"Shallow victory" says F1's most shallow team principal?
Everything I found wrong with the subsequent reactions to Silverstone's high speed crash.
If F1 this year has taught us anything, my own personal belief is that we can now see that 'racing incident' has been removed from FIA vocabulary. The ever increasing demand to push motives of blame and pressure for reprecussions has accidentally left the FIA doing their job too well, so much so that racing is now being dried out in its current form.
In fairness, today's violent wall crash for Verstappen was an incident that raised an exemplary amount of questions, so naturally many different sides would be taken by viewers across the board. But I think it was all wrong. Everything, from the 10 second penalty to the initial approach taken by the drivers, to the needy whining from managers running to the FIA begging them to accept their perspective. In a word, it was simply strange.
I'd like to start with Horner. And in doing so we skip to after the race itself, where Ted Kravitz caught the Red Bull Team Principal for a word. Emotion was high I know, don't discount that I have that in mind. But the comments were petty, and for him of all people to label Hamilton's victory as shallow is laughable. He knew who he was talking to, and "I hope Hamilton is happy" really was better left unsaid, as was the passive aggressive way he handled the discussion. After the comments we watched as still in disbelief, Christian failed to justify his stance that Hamilton's punishment arose from tactical fowl play. Oh and that's not even considering he refused the opportunity hear Ted explain the opposing stance. "I don't want to hear it" he said. The severity of the danger that Max was subjected to in experiencing his crash was obviously the key factor of his viewpoint, which in itself is his biggest mistake. By this logic therefore, he fuelled his attack on the fact that his star boy went into the barrier as opposed to slipping past a very willing to concede pole position Lewis Hamilton.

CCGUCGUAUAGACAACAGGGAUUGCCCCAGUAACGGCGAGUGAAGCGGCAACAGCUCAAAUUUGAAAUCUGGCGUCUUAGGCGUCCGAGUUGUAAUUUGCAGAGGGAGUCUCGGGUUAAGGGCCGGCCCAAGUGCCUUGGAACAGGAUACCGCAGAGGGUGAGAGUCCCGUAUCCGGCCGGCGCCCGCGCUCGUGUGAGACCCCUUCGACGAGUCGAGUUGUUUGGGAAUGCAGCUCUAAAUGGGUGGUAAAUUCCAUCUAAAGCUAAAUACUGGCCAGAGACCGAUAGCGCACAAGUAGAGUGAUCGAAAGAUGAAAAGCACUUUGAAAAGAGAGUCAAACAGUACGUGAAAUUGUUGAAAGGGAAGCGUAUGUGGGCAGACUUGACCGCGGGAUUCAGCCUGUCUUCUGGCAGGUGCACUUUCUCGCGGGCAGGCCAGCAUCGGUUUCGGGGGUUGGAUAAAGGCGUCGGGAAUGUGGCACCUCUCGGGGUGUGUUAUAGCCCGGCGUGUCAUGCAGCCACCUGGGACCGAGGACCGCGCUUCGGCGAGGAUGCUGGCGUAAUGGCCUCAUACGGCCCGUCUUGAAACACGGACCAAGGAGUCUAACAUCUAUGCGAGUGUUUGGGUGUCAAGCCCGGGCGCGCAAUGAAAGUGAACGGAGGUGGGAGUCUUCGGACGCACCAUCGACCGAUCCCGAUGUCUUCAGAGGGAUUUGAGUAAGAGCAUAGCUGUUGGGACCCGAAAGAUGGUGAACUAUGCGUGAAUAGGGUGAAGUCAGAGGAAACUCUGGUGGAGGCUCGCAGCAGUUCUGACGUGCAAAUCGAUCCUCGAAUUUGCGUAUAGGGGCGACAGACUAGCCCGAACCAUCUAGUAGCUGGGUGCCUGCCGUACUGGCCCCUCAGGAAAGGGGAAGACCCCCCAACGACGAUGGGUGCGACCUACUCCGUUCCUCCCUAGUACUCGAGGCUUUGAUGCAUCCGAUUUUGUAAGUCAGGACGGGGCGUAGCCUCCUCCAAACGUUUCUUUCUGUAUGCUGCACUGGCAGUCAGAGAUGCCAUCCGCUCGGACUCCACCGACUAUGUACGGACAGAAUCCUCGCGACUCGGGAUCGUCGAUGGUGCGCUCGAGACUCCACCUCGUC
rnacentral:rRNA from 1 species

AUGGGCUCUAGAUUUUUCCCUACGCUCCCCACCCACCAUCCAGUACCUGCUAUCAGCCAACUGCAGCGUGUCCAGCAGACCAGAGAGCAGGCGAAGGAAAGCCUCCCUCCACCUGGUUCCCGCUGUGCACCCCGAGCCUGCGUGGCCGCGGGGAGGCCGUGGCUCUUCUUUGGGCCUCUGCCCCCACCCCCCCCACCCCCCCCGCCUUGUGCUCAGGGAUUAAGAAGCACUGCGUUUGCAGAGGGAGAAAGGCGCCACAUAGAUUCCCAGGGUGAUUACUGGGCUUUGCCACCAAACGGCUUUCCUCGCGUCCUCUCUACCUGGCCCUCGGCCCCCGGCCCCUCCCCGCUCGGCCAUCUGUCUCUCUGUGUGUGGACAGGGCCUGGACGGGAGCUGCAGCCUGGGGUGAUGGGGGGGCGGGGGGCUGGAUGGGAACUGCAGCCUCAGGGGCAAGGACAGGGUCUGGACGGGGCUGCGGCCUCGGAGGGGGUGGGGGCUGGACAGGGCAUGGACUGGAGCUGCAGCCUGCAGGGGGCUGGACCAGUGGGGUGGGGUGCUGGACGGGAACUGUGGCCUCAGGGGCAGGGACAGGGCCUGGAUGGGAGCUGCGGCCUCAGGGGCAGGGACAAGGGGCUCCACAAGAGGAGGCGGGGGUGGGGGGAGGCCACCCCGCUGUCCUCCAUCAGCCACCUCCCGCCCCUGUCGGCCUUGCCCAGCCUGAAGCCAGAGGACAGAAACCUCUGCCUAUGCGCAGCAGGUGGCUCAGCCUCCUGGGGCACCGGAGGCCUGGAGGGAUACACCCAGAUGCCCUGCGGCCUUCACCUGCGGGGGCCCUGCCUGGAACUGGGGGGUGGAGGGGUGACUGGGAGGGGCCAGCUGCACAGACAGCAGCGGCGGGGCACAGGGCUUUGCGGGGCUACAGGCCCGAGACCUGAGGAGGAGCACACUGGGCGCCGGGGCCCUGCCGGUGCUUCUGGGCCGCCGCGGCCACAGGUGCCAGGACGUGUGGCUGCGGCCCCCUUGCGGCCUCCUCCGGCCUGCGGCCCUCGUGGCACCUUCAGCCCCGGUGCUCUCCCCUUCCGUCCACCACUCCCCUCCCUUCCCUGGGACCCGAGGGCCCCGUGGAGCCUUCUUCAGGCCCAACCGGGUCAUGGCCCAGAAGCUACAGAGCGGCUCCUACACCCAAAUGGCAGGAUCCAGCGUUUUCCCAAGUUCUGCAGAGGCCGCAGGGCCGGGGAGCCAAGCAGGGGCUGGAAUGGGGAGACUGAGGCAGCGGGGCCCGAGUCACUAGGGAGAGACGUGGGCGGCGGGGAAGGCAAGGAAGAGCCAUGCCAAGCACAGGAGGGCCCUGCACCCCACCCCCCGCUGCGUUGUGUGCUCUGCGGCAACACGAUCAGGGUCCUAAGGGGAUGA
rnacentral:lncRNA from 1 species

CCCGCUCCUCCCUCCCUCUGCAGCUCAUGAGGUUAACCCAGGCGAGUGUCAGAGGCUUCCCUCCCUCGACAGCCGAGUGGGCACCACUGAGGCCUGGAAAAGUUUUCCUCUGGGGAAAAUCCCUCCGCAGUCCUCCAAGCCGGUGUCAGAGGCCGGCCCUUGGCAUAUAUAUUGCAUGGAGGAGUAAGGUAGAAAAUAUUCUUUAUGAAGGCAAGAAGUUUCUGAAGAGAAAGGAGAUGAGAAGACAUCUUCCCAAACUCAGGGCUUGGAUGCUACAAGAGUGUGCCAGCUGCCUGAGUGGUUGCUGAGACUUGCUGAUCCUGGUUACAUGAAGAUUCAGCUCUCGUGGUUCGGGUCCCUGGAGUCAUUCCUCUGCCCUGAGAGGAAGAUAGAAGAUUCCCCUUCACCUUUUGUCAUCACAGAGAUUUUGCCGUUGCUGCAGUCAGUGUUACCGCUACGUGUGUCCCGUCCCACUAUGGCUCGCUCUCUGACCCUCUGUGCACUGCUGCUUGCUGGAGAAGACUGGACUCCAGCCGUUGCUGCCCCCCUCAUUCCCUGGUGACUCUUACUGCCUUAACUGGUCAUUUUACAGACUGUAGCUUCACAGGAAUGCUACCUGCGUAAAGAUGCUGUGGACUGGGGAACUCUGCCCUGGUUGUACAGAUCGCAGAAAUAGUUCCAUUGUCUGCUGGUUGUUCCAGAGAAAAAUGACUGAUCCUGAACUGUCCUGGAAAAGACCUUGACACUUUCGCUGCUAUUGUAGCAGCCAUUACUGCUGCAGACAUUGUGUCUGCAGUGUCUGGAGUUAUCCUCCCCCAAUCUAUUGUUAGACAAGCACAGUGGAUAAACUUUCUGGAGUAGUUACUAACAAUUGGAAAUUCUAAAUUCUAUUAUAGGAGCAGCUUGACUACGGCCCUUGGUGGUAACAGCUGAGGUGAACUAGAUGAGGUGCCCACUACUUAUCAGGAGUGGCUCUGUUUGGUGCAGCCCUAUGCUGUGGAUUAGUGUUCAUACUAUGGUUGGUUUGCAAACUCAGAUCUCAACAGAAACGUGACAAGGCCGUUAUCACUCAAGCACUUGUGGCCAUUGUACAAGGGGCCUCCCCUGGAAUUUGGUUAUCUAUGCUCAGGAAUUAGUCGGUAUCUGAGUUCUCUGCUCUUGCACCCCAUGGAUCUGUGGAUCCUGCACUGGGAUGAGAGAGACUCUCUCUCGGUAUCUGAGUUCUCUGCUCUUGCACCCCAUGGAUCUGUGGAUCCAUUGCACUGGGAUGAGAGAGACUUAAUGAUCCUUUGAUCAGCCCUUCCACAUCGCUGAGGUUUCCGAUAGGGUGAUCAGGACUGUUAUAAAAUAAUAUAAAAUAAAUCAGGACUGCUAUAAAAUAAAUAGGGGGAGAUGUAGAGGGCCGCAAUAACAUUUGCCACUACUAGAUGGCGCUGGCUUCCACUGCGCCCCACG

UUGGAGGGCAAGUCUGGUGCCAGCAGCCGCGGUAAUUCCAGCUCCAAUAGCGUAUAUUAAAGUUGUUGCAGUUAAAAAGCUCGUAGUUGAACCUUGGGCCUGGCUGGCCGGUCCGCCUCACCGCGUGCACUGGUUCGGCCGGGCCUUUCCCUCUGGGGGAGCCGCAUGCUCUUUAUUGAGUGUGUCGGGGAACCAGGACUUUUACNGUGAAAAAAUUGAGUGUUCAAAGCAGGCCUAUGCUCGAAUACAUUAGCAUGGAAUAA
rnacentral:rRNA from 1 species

Anyway, Horner's reaction was just something I wanted to criticise, what I really want to discuss is of course the talk of the town itself.
An awful impact we will all agree.
Since this incident, and incident is putting it lightly, Drivetribe has lit up with polls offering a chance for us lot to air our grievances and place our own calls of blame. For me however, it is a crash. It wasn't just Hamilton we have to see surely. Hamilton failed to stay on the apex route heading into Copse, and Verstappen watched his approach expecting Lewis to back off as he tightened in on him. But neither backed off, and shock horror, surprise surprise, they crashed. Now because Lewis was on the inside it was Max who suffered from being propelled off track, and that was it. The fact they both entered a corner taking questionable approaches means they should've accepted their fates as far as I'm concerned. That's the heat of racing, but the extreme result of the impact did perhaps send everyone into a frenzy of anger. And so Lewis paid the price for him first of all not being in the right place, but also for the fact that his rival was willing to take the risk anyway.
It's not as thougb Lewis hammered himself out all of sudden, so I just don't think penalising him for ten seconds was totally appropriate.
Who will justify this after in depth analysis angry Lewis and Max fanboys and fangirls?
Ah yes, it's Chandhok.
That's right, it's time for a good game of:
Karun talks sense-_-_-_-
Karun walked viewers through the crash and the build up towards it, specifying the drivers paths, their intentions and the moments during the impact between Hamilton and Verstappen. He ended his analysis with the same conclusion, the battle for the lead at this point in the race was knowingly vital, and so obviously neither racer would fancy taking the second spot coming out of Copse. Given their positions at the time, the crash was unavoidable and didn't necessarily need the reaction steward's gave in the time afterwards.
Perhaps, were a penalty to be put in place, I think 5 seconds would've been more sufficient due to Max's continuous approach despite Hamilton's wide position entering the corner.
Either way, the FIA have much more precise data and information in higher quantities, so my racing incident stance is just a pointless viewpoint at the end of the day. Just like all of the others.
Leave your thoughts in the comments, or forever hold your peace. Fanboys and fangirls not welcome. Thanks for reading.